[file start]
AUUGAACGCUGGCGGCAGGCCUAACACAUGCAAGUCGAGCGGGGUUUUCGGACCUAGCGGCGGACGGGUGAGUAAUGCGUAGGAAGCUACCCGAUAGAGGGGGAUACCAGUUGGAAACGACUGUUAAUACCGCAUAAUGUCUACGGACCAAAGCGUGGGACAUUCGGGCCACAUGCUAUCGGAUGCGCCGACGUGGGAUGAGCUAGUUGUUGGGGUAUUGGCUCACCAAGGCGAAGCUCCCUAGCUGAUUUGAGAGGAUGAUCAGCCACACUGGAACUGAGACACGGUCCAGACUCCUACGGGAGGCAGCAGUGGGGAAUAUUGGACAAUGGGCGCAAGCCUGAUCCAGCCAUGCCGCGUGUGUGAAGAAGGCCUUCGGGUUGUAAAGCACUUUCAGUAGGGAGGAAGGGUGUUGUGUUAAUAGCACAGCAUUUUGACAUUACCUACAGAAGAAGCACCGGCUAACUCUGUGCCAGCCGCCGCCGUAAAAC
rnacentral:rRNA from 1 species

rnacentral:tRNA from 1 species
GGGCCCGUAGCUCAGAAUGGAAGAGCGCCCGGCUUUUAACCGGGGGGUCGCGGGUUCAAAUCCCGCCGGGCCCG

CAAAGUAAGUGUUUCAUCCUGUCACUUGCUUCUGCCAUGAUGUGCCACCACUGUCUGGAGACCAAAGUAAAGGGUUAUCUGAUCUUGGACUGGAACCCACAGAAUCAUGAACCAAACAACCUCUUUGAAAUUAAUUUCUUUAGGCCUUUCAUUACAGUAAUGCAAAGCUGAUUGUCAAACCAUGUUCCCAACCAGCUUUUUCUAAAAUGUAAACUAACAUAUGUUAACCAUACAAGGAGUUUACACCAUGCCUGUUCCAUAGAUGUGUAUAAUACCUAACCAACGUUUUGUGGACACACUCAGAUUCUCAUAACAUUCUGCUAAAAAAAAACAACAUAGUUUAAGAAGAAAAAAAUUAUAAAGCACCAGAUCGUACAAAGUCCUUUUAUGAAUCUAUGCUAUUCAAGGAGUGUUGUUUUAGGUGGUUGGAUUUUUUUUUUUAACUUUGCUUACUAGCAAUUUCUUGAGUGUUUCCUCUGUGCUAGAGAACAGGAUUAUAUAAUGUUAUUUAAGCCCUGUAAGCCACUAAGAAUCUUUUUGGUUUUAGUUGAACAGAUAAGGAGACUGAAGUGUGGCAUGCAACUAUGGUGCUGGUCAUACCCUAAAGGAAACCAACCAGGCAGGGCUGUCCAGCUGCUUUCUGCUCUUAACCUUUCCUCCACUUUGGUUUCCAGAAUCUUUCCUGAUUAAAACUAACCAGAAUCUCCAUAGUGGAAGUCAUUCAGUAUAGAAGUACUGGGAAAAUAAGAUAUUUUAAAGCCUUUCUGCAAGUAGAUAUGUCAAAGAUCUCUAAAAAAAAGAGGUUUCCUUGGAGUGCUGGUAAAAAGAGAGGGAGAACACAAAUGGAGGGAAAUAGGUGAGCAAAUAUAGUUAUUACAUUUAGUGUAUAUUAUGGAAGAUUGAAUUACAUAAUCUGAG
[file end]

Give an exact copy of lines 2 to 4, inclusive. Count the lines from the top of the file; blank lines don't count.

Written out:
rnacentral:rRNA from 1 species

rnacentral:tRNA from 1 species
GGGCCCGUAGCUCAGAAUGGAAGAGCGCCCGGCUUUUAACCGGGGGGUCGCGGGUUCAAAUCCCGCCGGGCCCG